What is the Mutual Recognition Agreement?
The mutual recognization agreement is a pact that was signed by ASHA (American Speech-Language-Hearing Association) and the below organizations:
- Speech-Language and Audiology Canada (SAC)
- Royal College of Speech Therapists in the United Kingdom
- Irish Association of Speech and Language Therapists
- New Zealand Speech-Language Therapists’ Association (Incorporated)
- Speech Pathology Association of Australia Limited
The pact provides a pathway for speech-language pathologists who hold the CCC (Certificate of Clinical Competence) to have their credentials reviewed and possibly authorized for certified, legal, paid work in those countries. The pact also goes both ways so that professionals from those countries can have their credentials reviewed by ASHA.
Approval is not automatic. It does not guarantee that an individual will be approved to work in a foreign country. But it offers a pathway to make it easier for that to occur for qualifies individuals.
Why Does the Mutual Recognition Agreement Exist?
I believe the mutual recognition agreement was set up to assist individuals from majority English-speaking countries to find work across countries. There are worldwide shortages in speech pathologists or speech therapists depending on the countries preferred nomenclature. Getting competent professionals to fill those roles across countries is valuable to all.
How Long Does the Mutual Recognition Take?
The application is lengthy and you need to provide a lot of documentation. The year I applied, it was June when I started the process to have my ASHA credentials reviewed by SPA Speech Pathology Australia. I also returned some emails answering their further questions and then the SPA Certified Practicing Member came through in September. In total, it was three months just from lodging the application. Additionally, it will take time to gather the documents and then to go through the process.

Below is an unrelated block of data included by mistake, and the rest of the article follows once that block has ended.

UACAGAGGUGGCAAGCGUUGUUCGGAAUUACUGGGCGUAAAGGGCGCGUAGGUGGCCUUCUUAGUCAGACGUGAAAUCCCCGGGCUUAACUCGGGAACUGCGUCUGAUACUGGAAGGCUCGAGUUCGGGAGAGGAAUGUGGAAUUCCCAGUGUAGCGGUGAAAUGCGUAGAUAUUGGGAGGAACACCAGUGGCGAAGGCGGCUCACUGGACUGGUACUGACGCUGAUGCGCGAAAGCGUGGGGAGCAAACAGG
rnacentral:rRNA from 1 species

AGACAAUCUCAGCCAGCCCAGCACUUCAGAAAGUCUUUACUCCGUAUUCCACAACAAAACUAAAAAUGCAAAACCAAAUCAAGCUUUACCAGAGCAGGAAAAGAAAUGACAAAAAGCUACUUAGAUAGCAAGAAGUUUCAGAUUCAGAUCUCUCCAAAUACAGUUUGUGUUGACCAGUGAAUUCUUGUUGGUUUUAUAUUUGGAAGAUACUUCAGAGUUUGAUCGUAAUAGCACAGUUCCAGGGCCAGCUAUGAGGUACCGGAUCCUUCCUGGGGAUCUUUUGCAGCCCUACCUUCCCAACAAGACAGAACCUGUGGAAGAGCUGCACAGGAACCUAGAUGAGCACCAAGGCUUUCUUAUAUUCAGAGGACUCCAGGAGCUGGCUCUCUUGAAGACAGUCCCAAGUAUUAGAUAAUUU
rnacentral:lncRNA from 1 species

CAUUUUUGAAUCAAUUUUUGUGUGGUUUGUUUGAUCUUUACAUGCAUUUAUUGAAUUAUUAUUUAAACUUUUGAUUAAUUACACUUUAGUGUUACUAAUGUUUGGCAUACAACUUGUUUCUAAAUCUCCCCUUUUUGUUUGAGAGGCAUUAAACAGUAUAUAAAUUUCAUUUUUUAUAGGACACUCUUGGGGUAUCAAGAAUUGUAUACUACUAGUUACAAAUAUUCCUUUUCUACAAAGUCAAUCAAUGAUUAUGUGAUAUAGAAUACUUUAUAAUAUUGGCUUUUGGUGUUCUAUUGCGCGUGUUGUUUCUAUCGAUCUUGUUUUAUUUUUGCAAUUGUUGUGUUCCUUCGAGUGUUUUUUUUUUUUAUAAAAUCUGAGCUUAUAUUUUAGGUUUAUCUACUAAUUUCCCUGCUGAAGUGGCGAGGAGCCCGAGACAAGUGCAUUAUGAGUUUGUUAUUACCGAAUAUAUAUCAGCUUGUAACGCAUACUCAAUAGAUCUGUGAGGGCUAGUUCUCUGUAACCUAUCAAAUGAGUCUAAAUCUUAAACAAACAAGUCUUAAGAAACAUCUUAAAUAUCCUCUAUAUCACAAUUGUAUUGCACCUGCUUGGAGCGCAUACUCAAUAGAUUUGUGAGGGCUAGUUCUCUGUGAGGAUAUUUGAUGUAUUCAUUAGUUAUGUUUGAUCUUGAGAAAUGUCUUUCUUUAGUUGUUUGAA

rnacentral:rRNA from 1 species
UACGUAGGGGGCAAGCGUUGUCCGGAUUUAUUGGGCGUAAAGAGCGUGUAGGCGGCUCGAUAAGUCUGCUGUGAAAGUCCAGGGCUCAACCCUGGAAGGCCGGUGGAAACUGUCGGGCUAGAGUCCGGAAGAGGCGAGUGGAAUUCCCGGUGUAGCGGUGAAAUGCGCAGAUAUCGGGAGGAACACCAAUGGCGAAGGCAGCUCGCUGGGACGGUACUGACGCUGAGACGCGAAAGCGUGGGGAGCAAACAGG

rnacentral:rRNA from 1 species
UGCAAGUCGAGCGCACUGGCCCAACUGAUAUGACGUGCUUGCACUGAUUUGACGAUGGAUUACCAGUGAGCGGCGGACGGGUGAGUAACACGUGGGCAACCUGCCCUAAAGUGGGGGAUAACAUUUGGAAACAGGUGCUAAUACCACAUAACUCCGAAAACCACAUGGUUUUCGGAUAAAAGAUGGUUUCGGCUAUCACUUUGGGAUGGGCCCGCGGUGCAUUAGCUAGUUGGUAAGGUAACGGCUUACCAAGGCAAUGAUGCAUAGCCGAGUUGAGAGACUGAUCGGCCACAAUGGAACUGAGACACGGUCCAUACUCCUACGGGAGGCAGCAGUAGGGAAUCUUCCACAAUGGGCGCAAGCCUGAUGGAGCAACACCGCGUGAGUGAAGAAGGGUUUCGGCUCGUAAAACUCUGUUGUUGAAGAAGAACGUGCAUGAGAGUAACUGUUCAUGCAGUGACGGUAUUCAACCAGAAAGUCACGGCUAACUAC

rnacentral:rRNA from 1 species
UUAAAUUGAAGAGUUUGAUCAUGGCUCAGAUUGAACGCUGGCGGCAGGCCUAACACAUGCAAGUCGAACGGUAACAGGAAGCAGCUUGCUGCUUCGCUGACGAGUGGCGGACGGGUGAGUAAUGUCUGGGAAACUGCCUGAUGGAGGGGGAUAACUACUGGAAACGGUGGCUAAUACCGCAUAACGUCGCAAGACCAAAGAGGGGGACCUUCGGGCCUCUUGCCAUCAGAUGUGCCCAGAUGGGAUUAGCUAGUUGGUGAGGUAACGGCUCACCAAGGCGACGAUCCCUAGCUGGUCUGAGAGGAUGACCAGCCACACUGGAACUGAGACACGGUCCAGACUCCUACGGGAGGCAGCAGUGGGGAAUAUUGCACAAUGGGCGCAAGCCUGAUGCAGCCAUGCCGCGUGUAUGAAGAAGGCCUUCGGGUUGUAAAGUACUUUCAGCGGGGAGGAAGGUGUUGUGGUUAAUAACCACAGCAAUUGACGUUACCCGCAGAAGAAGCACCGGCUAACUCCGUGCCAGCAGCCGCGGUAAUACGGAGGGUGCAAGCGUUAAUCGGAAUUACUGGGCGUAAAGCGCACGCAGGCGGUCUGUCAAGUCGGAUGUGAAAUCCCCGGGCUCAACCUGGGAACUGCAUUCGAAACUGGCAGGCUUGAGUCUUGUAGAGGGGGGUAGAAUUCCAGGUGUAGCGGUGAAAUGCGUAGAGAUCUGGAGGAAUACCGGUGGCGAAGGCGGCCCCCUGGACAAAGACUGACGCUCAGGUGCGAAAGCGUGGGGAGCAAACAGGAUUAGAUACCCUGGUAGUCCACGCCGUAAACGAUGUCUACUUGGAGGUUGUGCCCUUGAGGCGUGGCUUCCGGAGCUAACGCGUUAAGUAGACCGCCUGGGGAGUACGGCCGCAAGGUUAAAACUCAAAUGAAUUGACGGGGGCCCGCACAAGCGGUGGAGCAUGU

How I Used the Mutual Recognition Agreement
Last year during lockdown I applied for and got recognition of my ASHA credentials in Australia through the organization Speech Pathology Australia. In the video above I define exactly what the Mutual Recognition Agreement is (and what it isn’t), how I got my Speech Pathology Australia credentials, how long it takes, and how to go through the entire process to get certified in one of the partner countries. Actually, I see a lot of posts on Facebook regarding working in another country as a speech pathologist. I put this video out there because there is very little information online about it. Would you go abroad as an SLP?